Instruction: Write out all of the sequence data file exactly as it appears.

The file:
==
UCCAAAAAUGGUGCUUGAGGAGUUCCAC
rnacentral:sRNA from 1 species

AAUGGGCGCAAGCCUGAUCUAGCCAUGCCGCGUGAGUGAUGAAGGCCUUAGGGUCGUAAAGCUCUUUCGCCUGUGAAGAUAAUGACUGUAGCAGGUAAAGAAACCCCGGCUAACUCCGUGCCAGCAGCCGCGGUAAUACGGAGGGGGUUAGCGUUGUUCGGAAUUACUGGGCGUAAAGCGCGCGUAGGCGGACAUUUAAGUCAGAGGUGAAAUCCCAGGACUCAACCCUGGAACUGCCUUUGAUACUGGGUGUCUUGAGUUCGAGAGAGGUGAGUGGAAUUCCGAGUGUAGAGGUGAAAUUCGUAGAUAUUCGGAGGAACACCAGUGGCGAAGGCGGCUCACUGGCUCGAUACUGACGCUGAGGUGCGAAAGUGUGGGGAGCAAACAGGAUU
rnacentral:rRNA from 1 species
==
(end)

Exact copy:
UCCAAAAAUGGUGCUUGAGGAGUUCCAC
rnacentral:sRNA from 1 species

AAUGGGCGCAAGCCUGAUCUAGCCAUGCCGCGUGAGUGAUGAAGGCCUUAGGGUCGUAAAGCUCUUUCGCCUGUGAAGAUAAUGACUGUAGCAGGUAAAGAAACCCCGGCUAACUCCGUGCCAGCAGCCGCGGUAAUACGGAGGGGGUUAGCGUUGUUCGGAAUUACUGGGCGUAAAGCGCGCGUAGGCGGACAUUUAAGUCAGAGGUGAAAUCCCAGGACUCAACCCUGGAACUGCCUUUGAUACUGGGUGUCUUGAGUUCGAGAGAGGUGAGUGGAAUUCCGAGUGUAGAGGUGAAAUUCGUAGAUAUUCGGAGGAACACCAGUGGCGAAGGCGGCUCACUGGCUCGAUACUGACGCUGAGGUGCGAAAGUGUGGGGAGCAAACAGGAUU
rnacentral:rRNA from 1 species